At this point in our journey—in real life—Nashville, was on the horizon to visit with friend Dana Ryan Perez, I already wrote that post, so to the next city. But not before we lay our eyes on Dana's sense of colour.
We took a few days off from traveling and camped in the Great Smoky Mountains National Park which straddles the border between Tennessee and North Carolina. The sprawling landscape encompasses lush forests and an abundance of Mimosa trees still in bloom. The view and greenery were refreshing after crossing Kansas, and Oklahoma, but the forest brought unbearable dampness. Dry! Dry! Dry! is the reason we enjoyed the West so much.
The park encompasses 816.28 square miles (2,114.15 km2), making it one of the largest protected areas in the eastern United States. We entered the main park entrance located just East of the town of Gatlinburg, Tennessee.
I’m still searching for moments in life. How do other artists see these moments and create from them?
A Mexican artist friend of Guy summed up his long-standing love affair with the landscape with El amor por las montañas nos curara—Our love for mountains will heal us.
Heal us of what?
Of over thinking?
Of our obsession with knowledge?
In fact, it doesn’t matter. Once recovered from a health issue, the only thing you can say is “sickness is over”. Health is like love. Try to describe it and you’re out of it.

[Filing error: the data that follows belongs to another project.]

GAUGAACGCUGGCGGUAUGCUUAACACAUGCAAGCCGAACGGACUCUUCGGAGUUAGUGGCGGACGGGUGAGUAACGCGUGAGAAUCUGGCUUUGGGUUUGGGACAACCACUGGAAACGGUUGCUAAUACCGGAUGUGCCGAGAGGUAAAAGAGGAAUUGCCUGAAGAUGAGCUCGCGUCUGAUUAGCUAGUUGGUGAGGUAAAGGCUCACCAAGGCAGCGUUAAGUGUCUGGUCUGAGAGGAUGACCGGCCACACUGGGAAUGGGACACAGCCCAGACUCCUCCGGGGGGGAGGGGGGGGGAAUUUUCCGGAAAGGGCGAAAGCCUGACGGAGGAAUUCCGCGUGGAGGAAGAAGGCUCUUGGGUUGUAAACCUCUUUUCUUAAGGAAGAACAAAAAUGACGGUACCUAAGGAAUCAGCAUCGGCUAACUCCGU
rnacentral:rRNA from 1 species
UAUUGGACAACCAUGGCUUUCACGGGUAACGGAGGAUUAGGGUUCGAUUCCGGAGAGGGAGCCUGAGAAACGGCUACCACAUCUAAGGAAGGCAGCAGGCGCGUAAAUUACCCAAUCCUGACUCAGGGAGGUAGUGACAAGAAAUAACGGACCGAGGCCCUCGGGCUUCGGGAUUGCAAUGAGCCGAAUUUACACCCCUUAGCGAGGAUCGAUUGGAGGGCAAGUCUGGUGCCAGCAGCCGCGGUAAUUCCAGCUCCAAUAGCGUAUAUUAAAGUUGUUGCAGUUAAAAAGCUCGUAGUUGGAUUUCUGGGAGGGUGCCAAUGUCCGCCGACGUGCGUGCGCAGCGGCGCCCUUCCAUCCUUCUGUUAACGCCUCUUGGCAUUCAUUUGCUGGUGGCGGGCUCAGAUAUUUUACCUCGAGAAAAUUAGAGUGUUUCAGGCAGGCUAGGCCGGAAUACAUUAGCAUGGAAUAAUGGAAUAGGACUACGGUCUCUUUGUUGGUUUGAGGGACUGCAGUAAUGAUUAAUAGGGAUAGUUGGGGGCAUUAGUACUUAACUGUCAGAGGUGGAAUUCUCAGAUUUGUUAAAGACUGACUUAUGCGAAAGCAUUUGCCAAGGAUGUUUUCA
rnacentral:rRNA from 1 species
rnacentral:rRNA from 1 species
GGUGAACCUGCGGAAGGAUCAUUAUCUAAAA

The 13th-century Zen master Dogen was going more or less in the same direction when he said: Although it is said mountains belong to the country, they actually belong to those who love them.
Now tell me, do mountains belong to mountain lovers or is it the opposite, mountain lovers belong to mountains? What does “belong” mean, when we are uncertain that we own our own bodies? Is it that we actually belong to “all this”, to “life”? When you feel most alive, don’t you feel that “something” bigger than you runs in your veins? My work is about making us feel more alive. It is about losing yourself in the landscape and paradoxically, finding out you are the source of it all.
Haiku translator, poet, and writer Robert Blyth went in the same direction when he wrote: The mind is seen in the stone.
I would like my art to allow you to you see yourself in a stone. Because ultimately, we are not in the world, the world is in us.
Get inspired by finding more moments to express.